SF-59L Fort Funston - San Francisco, CA
Posted by: Groundspeak Premium Member DougK
N 37° 42.874 W 122° 30.132
10S E 543874 N 4174263
Quick Description: Nike missile launch site SF-59L at Fort Funston was one of eleven sites that encircled the San Francisco Bay Area.
Location: California, United States
Date Posted: 10/12/2010 11:41:51 AM
Waymark Code: WM9XRD
Published By: Groundspeak Premium Member Blue J Wenatchee
Views: 15

Long Description:
The threat of Soviet attack, from the air rather than by sea, ushered in the Nike missile era in the 1950s. Between 1954 and 1974 Nike missile launch sites protected many U.S. cities; eleven encircled the Bay Area.

In 1956, one of these sites, "SF-59", was built at Fort Funston. It housed 30 Nike Ajax ground-to-air missiles designed to destroy enemy bombers within a 25 mile range. The missiles were stored beneath the present parking lot. None were ever launched at an enemy, from here or any of the hundreds of sites across the country. The army closed SF-59 in 1963, never converting it to accommodate the longer-range Nike Hercules.

In 1974, Fort Funston became part of the Golden Gate National Recreation Area (GGNRA) to preserve remnants of its military legacy and its natural values for public enrichment and enjoyment.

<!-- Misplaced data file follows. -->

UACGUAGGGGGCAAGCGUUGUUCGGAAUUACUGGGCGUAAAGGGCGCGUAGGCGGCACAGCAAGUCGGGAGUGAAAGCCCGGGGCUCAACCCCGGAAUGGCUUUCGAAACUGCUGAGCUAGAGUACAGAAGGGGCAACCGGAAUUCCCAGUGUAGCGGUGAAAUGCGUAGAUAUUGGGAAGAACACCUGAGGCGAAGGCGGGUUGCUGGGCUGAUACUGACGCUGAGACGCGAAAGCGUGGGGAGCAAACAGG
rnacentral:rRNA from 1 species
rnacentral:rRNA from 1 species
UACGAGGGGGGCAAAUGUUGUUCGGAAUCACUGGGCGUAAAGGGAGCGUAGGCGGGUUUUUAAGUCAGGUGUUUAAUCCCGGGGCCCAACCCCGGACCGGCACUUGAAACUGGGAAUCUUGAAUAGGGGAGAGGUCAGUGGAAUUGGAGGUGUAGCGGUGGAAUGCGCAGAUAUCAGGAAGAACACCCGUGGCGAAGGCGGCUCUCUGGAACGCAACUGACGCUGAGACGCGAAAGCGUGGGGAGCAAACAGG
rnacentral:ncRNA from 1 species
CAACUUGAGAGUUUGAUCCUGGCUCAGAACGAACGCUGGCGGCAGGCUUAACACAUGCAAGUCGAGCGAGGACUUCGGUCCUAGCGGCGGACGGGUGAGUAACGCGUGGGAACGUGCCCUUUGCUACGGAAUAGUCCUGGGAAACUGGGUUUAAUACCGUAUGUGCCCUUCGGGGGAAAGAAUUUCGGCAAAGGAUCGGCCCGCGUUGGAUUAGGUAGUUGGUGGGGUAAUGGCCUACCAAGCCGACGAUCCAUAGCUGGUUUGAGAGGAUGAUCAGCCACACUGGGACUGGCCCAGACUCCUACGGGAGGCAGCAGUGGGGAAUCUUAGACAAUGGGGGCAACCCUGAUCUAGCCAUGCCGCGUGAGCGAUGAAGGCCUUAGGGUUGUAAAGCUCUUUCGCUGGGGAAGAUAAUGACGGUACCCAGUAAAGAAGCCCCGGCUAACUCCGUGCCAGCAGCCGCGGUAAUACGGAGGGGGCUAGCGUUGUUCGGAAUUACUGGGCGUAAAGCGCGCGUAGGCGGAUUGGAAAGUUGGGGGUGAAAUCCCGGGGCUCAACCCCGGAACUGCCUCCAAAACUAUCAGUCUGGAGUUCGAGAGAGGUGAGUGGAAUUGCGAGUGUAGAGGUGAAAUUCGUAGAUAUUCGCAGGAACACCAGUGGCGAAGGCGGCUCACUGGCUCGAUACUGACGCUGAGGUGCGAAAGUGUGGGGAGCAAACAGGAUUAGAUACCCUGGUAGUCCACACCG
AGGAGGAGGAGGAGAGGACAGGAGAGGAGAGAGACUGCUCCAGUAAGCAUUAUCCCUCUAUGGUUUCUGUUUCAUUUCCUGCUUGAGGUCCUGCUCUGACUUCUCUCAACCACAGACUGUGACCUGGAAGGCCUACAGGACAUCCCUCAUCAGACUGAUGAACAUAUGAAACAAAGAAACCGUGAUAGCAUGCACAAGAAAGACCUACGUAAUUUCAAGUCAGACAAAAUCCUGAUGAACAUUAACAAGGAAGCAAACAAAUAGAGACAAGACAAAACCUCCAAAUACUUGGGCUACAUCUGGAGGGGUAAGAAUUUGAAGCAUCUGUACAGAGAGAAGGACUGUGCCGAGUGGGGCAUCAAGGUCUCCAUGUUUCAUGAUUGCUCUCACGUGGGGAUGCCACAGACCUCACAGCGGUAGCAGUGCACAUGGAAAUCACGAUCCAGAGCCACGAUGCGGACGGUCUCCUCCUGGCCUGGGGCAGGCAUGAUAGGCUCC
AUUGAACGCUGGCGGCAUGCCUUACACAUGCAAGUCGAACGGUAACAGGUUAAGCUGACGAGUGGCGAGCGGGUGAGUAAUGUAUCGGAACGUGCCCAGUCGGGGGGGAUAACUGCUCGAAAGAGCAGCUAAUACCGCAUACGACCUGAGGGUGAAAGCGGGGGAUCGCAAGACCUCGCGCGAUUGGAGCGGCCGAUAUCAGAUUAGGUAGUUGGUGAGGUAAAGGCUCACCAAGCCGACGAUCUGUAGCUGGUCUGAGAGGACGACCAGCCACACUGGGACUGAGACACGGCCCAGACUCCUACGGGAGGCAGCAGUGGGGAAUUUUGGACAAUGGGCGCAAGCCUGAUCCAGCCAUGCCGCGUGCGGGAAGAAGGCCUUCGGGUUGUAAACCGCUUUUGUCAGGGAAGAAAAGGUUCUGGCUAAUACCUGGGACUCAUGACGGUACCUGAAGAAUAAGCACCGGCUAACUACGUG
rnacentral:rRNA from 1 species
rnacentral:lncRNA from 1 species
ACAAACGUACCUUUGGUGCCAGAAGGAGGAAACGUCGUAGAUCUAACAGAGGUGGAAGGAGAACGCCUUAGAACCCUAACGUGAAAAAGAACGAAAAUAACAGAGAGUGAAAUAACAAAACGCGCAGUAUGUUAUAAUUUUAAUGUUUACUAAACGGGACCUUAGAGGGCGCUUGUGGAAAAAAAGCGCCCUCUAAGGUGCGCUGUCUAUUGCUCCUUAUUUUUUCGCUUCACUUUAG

The Marin Headland, ten miles north of here, has the only historic U.S. Nike missile complex that is still intact, including deactivated missiles. Operated by volunteers, the site is open to the public on a limited schedule.

From Nike Sites in the SF Bay Area website:

Each Nike installation was split into a radar/control site, high on a hilltop for good visibility, and a launch site somewhere lower down and a mile or two away for better protection. The two sites communicated either by buried cable or by microwave; if the latter, they had to be in line of sight with each other. Aside from the differing site requirements, another reason for separating the control site and the launch site is that one of the control radars had to stay locked onto the missile. If they were too close together, the radar dish could not physically turn fast enough as the missile left the ground.

SF-59L at Fort Funston was the launch site and the control site, SF-59C, was located on Mt. San Bruno.

Link to Ed Thelen's Nike location page that includes the site you are submitting: [Web Link]

Parking location: Not Listed

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